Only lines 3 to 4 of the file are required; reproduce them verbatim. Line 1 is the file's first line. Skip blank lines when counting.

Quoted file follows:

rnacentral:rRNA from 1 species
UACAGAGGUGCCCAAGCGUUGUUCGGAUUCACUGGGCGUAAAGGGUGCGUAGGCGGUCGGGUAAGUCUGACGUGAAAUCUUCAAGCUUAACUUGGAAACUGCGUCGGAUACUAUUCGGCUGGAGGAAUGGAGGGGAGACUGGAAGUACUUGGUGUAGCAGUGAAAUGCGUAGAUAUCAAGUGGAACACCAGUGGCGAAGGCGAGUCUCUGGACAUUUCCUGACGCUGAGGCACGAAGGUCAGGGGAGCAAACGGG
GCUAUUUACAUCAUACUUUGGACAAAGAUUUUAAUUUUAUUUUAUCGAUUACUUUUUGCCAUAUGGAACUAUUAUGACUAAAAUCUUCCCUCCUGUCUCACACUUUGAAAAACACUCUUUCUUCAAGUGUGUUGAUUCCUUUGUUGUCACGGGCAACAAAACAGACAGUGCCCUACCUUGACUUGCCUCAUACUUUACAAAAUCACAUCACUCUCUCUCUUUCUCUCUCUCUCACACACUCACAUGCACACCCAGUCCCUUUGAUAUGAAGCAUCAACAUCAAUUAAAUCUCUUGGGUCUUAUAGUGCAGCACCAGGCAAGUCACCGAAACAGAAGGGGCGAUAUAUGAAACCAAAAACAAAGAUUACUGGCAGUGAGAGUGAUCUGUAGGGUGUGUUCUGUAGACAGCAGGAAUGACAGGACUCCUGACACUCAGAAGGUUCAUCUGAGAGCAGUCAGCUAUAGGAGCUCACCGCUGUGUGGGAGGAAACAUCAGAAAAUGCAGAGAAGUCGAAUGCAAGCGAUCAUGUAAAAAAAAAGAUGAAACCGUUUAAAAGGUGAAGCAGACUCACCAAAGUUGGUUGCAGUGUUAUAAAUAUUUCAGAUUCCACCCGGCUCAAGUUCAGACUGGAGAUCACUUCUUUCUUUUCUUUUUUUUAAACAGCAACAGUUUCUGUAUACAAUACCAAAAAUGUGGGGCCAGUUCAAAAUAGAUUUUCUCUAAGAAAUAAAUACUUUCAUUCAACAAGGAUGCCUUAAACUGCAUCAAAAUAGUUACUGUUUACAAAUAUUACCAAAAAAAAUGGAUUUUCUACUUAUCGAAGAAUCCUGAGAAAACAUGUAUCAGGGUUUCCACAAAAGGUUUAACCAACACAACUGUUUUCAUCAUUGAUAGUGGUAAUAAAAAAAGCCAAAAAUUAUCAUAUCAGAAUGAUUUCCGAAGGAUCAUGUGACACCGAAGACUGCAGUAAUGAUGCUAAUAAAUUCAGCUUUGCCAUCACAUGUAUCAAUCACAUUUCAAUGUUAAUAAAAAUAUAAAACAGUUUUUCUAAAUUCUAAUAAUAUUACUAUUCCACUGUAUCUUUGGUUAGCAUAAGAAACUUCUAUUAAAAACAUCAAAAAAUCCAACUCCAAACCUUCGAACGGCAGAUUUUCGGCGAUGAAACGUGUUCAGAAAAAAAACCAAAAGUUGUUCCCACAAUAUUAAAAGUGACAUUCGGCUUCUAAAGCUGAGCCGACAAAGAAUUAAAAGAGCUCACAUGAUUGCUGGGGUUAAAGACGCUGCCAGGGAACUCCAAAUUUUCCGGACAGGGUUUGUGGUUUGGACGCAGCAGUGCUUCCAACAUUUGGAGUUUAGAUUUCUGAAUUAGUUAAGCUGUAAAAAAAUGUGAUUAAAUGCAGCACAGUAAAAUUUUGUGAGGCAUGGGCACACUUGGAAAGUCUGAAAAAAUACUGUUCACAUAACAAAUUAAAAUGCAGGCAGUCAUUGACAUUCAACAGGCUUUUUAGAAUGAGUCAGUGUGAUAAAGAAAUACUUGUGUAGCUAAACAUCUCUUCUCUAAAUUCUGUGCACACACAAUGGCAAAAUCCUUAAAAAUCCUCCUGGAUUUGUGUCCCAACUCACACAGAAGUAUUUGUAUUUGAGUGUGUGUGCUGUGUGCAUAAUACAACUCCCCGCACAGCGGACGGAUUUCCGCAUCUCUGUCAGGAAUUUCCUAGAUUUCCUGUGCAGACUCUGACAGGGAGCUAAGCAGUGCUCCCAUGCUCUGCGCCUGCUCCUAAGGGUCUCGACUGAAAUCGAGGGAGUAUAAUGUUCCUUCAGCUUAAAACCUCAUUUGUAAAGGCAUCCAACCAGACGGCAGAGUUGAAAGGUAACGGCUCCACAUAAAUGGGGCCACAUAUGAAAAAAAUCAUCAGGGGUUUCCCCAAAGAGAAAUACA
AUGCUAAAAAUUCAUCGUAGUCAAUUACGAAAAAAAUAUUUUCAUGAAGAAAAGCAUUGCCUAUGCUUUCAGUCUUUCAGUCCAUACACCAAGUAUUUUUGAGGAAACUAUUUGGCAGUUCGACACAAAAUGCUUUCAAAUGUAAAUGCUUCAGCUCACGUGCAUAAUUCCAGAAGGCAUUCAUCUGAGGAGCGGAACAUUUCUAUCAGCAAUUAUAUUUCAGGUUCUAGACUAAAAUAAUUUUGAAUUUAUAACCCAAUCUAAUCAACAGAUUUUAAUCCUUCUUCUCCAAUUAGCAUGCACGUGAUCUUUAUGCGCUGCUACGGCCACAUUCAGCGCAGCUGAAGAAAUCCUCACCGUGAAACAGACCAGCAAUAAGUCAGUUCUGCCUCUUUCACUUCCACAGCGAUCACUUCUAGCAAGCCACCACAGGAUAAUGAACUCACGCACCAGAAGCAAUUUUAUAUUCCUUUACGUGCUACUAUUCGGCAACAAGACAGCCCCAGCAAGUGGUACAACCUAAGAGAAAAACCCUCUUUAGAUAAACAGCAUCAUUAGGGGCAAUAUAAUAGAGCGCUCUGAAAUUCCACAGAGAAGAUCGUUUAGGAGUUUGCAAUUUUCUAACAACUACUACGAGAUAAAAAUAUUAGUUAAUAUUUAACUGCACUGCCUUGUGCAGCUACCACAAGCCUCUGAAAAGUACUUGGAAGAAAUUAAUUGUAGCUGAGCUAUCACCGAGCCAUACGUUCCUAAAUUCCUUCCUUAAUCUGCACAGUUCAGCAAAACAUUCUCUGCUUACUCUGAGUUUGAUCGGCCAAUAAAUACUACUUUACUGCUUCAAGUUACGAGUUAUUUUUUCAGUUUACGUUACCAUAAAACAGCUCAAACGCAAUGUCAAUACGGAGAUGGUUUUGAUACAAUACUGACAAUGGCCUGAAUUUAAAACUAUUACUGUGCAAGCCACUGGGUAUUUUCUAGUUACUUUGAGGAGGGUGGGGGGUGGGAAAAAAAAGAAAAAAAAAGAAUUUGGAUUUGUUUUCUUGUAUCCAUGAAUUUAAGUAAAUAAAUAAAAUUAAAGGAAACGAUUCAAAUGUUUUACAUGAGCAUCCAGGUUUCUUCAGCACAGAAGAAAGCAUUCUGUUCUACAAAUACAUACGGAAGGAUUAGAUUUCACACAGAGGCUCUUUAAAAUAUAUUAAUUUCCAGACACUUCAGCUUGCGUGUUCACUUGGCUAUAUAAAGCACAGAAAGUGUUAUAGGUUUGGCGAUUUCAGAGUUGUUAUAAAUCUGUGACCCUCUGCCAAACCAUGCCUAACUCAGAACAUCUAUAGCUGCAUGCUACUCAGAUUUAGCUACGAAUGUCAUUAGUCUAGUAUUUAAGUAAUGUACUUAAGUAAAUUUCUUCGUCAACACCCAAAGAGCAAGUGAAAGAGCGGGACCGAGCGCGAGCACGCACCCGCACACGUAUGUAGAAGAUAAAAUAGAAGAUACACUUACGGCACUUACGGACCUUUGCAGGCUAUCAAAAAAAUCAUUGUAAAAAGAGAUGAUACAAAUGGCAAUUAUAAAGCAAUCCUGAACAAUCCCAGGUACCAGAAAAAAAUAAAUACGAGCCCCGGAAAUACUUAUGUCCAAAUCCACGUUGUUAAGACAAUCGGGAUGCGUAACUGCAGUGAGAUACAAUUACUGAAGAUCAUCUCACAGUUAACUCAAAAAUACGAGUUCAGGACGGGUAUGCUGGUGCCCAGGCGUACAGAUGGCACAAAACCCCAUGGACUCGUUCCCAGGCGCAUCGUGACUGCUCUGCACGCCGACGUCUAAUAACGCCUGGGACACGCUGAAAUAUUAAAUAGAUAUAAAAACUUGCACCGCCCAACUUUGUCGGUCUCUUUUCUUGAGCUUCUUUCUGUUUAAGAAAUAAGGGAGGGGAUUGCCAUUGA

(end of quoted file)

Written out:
GCUAUUUACAUCAUACUUUGGACAAAGAUUUUAAUUUUAUUUUAUCGAUUACUUUUUGCCAUAUGGAACUAUUAUGACUAAAAUCUUCCCUCCUGUCUCACACUUUGAAAAACACUCUUUCUUCAAGUGUGUUGAUUCCUUUGUUGUCACGGGCAACAAAACAGACAGUGCCCUACCUUGACUUGCCUCAUACUUUACAAAAUCACAUCACUCUCUCUCUUUCUCUCUCUCUCACACACUCACAUGCACACCCAGUCCCUUUGAUAUGAAGCAUCAACAUCAAUUAAAUCUCUUGGGUCUUAUAGUGCAGCACCAGGCAAGUCACCGAAACAGAAGGGGCGAUAUAUGAAACCAAAAACAAAGAUUACUGGCAGUGAGAGUGAUCUGUAGGGUGUGUUCUGUAGACAGCAGGAAUGACAGGACUCCUGACACUCAGAAGGUUCAUCUGAGAGCAGUCAGCUAUAGGAGCUCACCGCUGUGUGGGAGGAAACAUCAGAAAAUGCAGAGAAGUCGAAUGCAAGCGAUCAUGUAAAAAAAAAGAUGAAACCGUUUAAAAGGUGAAGCAGACUCACCAAAGUUGGUUGCAGUGUUAUAAAUAUUUCAGAUUCCACCCGGCUCAAGUUCAGACUGGAGAUCACUUCUUUCUUUUCUUUUUUUUAAACAGCAACAGUUUCUGUAUACAAUACCAAAAAUGUGGGGCCAGUUCAAAAUAGAUUUUCUCUAAGAAAUAAAUACUUUCAUUCAACAAGGAUGCCUUAAACUGCAUCAAAAUAGUUACUGUUUACAAAUAUUACCAAAAAAAAUGGAUUUUCUACUUAUCGAAGAAUCCUGAGAAAACAUGUAUCAGGGUUUCCACAAAAGGUUUAACCAACACAACUGUUUUCAUCAUUGAUAGUGGUAAUAAAAAAAGCCAAAAAUUAUCAUAUCAGAAUGAUUUCCGAAGGAUCAUGUGACACCGAAGACUGCAGUAAUGAUGCUAAUAAAUUCAGCUUUGCCAUCACAUGUAUCAAUCACAUUUCAAUGUUAAUAAAAAUAUAAAACAGUUUUUCUAAAUUCUAAUAAUAUUACUAUUCCACUGUAUCUUUGGUUAGCAUAAGAAACUUCUAUUAAAAACAUCAAAAAAUCCAACUCCAAACCUUCGAACGGCAGAUUUUCGGCGAUGAAACGUGUUCAGAAAAAAAACCAAAAGUUGUUCCCACAAUAUUAAAAGUGACAUUCGGCUUCUAAAGCUGAGCCGACAAAGAAUUAAAAGAGCUCACAUGAUUGCUGGGGUUAAAGACGCUGCCAGGGAACUCCAAAUUUUCCGGACAGGGUUUGUGGUUUGGACGCAGCAGUGCUUCCAACAUUUGGAGUUUAGAUUUCUGAAUUAGUUAAGCUGUAAAAAAAUGUGAUUAAAUGCAGCACAGUAAAAUUUUGUGAGGCAUGGGCACACUUGGAAAGUCUGAAAAAAUACUGUUCACAUAACAAAUUAAAAUGCAGGCAGUCAUUGACAUUCAACAGGCUUUUUAGAAUGAGUCAGUGUGAUAAAGAAAUACUUGUGUAGCUAAACAUCUCUUCUCUAAAUUCUGUGCACACACAAUGGCAAAAUCCUUAAAAAUCCUCCUGGAUUUGUGUCCCAACUCACACAGAAGUAUUUGUAUUUGAGUGUGUGUGCUGUGUGCAUAAUACAACUCCCCGCACAGCGGACGGAUUUCCGCAUCUCUGUCAGGAAUUUCCUAGAUUUCCUGUGCAGACUCUGACAGGGAGCUAAGCAGUGCUCCCAUGCUCUGCGCCUGCUCCUAAGGGUCUCGACUGAAAUCGAGGGAGUAUAAUGUUCCUUCAGCUUAAAACCUCAUUUGUAAAGGCAUCCAACCAGACGGCAGAGUUGAAAGGUAACGGCUCCACAUAAAUGGGGCCACAUAUGAAAAAAAUCAUCAGGGGUUUCCCCAAAGAGAAAUACA
AUGCUAAAAAUUCAUCGUAGUCAAUUACGAAAAAAAUAUUUUCAUGAAGAAAAGCAUUGCCUAUGCUUUCAGUCUUUCAGUCCAUACACCAAGUAUUUUUGAGGAAACUAUUUGGCAGUUCGACACAAAAUGCUUUCAAAUGUAAAUGCUUCAGCUCACGUGCAUAAUUCCAGAAGGCAUUCAUCUGAGGAGCGGAACAUUUCUAUCAGCAAUUAUAUUUCAGGUUCUAGACUAAAAUAAUUUUGAAUUUAUAACCCAAUCUAAUCAACAGAUUUUAAUCCUUCUUCUCCAAUUAGCAUGCACGUGAUCUUUAUGCGCUGCUACGGCCACAUUCAGCGCAGCUGAAGAAAUCCUCACCGUGAAACAGACCAGCAAUAAGUCAGUUCUGCCUCUUUCACUUCCACAGCGAUCACUUCUAGCAAGCCACCACAGGAUAAUGAACUCACGCACCAGAAGCAAUUUUAUAUUCCUUUACGUGCUACUAUUCGGCAACAAGACAGCCCCAGCAAGUGGUACAACCUAAGAGAAAAACCCUCUUUAGAUAAACAGCAUCAUUAGGGGCAAUAUAAUAGAGCGCUCUGAAAUUCCACAGAGAAGAUCGUUUAGGAGUUUGCAAUUUUCUAACAACUACUACGAGAUAAAAAUAUUAGUUAAUAUUUAACUGCACUGCCUUGUGCAGCUACCACAAGCCUCUGAAAAGUACUUGGAAGAAAUUAAUUGUAGCUGAGCUAUCACCGAGCCAUACGUUCCUAAAUUCCUUCCUUAAUCUGCACAGUUCAGCAAAACAUUCUCUGCUUACUCUGAGUUUGAUCGGCCAAUAAAUACUACUUUACUGCUUCAAGUUACGAGUUAUUUUUUCAGUUUACGUUACCAUAAAACAGCUCAAACGCAAUGUCAAUACGGAGAUGGUUUUGAUACAAUACUGACAAUGGCCUGAAUUUAAAACUAUUACUGUGCAAGCCACUGGGUAUUUUCUAGUUACUUUGAGGAGGGUGGGGGGUGGGAAAAAAAAGAAAAAAAAAGAAUUUGGAUUUGUUUUCUUGUAUCCAUGAAUUUAAGUAAAUAAAUAAAAUUAAAGGAAACGAUUCAAAUGUUUUACAUGAGCAUCCAGGUUUCUUCAGCACAGAAGAAAGCAUUCUGUUCUACAAAUACAUACGGAAGGAUUAGAUUUCACACAGAGGCUCUUUAAAAUAUAUUAAUUUCCAGACACUUCAGCUUGCGUGUUCACUUGGCUAUAUAAAGCACAGAAAGUGUUAUAGGUUUGGCGAUUUCAGAGUUGUUAUAAAUCUGUGACCCUCUGCCAAACCAUGCCUAACUCAGAACAUCUAUAGCUGCAUGCUACUCAGAUUUAGCUACGAAUGUCAUUAGUCUAGUAUUUAAGUAAUGUACUUAAGUAAAUUUCUUCGUCAACACCCAAAGAGCAAGUGAAAGAGCGGGACCGAGCGCGAGCACGCACCCGCACACGUAUGUAGAAGAUAAAAUAGAAGAUACACUUACGGCACUUACGGACCUUUGCAGGCUAUCAAAAAAAUCAUUGUAAAAAGAGAUGAUACAAAUGGCAAUUAUAAAGCAAUCCUGAACAAUCCCAGGUACCAGAAAAAAAUAAAUACGAGCCCCGGAAAUACUUAUGUCCAAAUCCACGUUGUUAAGACAAUCGGGAUGCGUAACUGCAGUGAGAUACAAUUACUGAAGAUCAUCUCACAGUUAACUCAAAAAUACGAGUUCAGGACGGGUAUGCUGGUGCCCAGGCGUACAGAUGGCACAAAACCCCAUGGACUCGUUCCCAGGCGCAUCGUGACUGCUCUGCACGCCGACGUCUAAUAACGCCUGGGACACGCUGAAAUAUUAAAUAGAUAUAAAAACUUGCACCGCCCAACUUUGUCGGUCUCUUUUCUUGAGCUUCUUUCUGUUUAAGAAAUAAGGGAGGGGAUUGCCAUUGA